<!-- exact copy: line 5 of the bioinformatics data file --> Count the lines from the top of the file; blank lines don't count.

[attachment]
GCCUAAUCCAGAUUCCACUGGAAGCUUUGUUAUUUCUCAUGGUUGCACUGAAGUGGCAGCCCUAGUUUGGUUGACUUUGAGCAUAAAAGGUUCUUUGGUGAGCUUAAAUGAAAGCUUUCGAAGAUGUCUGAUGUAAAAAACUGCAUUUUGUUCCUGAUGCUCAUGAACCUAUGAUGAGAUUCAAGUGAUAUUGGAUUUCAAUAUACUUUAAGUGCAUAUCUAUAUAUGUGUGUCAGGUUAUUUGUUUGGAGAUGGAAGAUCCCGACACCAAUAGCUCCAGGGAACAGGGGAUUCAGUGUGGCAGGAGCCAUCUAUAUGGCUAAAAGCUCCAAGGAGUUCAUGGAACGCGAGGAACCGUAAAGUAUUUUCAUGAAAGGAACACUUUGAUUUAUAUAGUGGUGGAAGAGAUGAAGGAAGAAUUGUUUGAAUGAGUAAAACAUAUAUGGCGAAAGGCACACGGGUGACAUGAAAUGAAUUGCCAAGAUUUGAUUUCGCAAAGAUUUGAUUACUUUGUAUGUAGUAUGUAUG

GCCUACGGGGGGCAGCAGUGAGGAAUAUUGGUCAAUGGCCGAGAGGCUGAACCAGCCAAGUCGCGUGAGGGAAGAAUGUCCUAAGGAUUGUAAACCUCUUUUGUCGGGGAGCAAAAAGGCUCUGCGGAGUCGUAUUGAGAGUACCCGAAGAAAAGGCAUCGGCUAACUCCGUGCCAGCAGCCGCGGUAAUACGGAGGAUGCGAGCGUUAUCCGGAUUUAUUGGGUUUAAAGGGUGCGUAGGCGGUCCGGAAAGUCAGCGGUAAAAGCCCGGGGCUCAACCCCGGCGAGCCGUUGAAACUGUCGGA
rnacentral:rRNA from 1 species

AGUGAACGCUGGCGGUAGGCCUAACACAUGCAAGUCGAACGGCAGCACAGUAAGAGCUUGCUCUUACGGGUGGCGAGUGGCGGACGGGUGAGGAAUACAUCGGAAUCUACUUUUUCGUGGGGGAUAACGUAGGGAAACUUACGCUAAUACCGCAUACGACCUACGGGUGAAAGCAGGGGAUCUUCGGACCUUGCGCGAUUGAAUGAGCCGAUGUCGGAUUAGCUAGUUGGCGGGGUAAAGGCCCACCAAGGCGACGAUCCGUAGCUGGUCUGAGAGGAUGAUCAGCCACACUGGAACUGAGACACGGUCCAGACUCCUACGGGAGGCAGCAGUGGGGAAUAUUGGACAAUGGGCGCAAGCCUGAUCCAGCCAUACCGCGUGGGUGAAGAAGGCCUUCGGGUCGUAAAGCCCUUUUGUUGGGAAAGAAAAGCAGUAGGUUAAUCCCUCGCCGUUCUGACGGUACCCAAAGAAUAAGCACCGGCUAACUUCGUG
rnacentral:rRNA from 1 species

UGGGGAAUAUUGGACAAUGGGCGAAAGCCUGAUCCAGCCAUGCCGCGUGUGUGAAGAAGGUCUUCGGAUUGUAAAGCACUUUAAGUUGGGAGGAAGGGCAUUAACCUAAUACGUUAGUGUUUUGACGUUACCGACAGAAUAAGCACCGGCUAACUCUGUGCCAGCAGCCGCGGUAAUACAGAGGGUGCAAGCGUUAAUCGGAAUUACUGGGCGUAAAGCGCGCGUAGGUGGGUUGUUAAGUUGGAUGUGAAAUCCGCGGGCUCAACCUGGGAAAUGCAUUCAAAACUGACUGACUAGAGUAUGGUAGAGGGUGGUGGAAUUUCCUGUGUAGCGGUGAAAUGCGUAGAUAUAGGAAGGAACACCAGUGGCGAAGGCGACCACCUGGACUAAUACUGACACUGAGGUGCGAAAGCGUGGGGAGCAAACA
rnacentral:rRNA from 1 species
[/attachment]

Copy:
rnacentral:rRNA from 1 species